Pioneers of the National Lightning Detection Network
The evolution of modern lightning-detection follows years of innovations in sensing technology and cooperation with industry and government labs. Its birth and commercialization, however, begins with two lightning scientists, Drs. E. Philip Krider (left) and Martin Uman. When they met at the University of Arizona in the late 1960s, their interest drove them to develop the first gated, wide band, magnetic direction finders for locating lightning ground strokes. These pinpointed a location and strength and were linked into the first large-area detection networks in 1976. Krider and Uman formed Lightning Location Protection (LLP) Inc. with first customers the Bureau of Land Management (BLM), the National Severe Storms Laboratory (NSSL), and the State University of N.Y. at Albany (SUNYA). Each formed regional networks for detecting wildland fires and meteorological research.
In the early ‘80s, East Coast utilities were beginning to use the lightning data from SUNYA network to track storms, and with support from the Electric Power Research Institute (EPRI), develop more accurate maps of lightning area density.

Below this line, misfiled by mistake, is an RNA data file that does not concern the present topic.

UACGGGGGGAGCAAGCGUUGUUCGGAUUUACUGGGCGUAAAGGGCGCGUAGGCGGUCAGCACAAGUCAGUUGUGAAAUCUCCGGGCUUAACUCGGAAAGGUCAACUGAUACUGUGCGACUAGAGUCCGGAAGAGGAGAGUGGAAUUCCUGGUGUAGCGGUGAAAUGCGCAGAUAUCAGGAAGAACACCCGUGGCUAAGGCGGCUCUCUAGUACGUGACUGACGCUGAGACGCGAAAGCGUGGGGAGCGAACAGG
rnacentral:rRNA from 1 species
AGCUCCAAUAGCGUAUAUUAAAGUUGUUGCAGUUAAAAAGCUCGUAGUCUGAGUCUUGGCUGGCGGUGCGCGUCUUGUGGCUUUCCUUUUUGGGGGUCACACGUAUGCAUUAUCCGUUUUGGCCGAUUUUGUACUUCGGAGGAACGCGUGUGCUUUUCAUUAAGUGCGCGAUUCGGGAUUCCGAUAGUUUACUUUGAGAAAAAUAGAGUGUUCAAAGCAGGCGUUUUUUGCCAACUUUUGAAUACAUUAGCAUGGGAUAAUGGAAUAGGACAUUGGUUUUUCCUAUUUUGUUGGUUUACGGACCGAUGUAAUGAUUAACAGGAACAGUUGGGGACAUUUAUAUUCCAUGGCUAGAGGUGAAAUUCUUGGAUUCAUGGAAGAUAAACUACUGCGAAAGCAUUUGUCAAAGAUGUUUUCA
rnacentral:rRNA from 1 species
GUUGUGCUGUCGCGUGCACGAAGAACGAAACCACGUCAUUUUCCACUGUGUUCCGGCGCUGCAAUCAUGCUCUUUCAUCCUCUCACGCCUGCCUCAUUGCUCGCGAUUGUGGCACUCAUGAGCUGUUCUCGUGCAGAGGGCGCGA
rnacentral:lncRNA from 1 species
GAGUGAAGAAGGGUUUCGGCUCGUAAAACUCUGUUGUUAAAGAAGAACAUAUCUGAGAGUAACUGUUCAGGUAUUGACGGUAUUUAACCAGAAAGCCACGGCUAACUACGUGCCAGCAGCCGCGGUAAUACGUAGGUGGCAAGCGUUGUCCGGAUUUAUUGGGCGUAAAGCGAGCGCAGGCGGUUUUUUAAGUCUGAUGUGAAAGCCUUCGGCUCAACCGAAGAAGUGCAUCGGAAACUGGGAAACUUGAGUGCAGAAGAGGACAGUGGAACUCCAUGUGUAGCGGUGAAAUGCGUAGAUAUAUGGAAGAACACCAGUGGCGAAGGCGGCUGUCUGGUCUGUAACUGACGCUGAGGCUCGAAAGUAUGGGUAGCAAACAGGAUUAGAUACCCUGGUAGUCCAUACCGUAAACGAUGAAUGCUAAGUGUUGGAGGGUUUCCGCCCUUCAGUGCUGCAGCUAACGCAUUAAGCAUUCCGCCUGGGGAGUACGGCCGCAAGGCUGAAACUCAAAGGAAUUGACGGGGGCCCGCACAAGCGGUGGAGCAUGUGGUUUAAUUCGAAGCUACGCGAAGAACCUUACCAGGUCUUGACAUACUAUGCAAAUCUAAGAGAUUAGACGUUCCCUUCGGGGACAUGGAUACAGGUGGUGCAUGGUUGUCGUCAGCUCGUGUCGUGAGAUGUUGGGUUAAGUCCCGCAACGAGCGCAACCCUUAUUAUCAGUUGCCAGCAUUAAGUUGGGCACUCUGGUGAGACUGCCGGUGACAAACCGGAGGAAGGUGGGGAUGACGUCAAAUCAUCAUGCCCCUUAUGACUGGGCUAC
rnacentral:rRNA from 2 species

Dr. Richard Orville (lower mid) a lightning expert at SUNYA, envisioned how regional lightning networks could be formed to help track storms across the U.S. In 1987, he led a team to develop such capability using satellites to retrieve and process lightning data from sensors over large areas. The team joined the networks formed by SUNYA, BLM, and NSSL into one network that
covered the continental U.S.
In 1990, Drs. Kenneth Cummins (lower rt) and Alburt Pifer (not pictured) guided sensor improvements for better location accuracy and detection efficiency. Cummins guided software development to help utilities apply statistical analyses of lightning activity to locate future facilities, compare line faults to lightning activity, and more. He has advanced the science of lightning using modern signal processing techniques.
Cummins, a Research Professor in Arizona, focuses on the physics of lightning and electromagnetic sensing. The National Lightning Detection Network, now owned and operated by Vaisala, continues to support research by the wind industry to better understand how lightning interacts with wind turbines and how to protect that infrastructure during thunderstorms.
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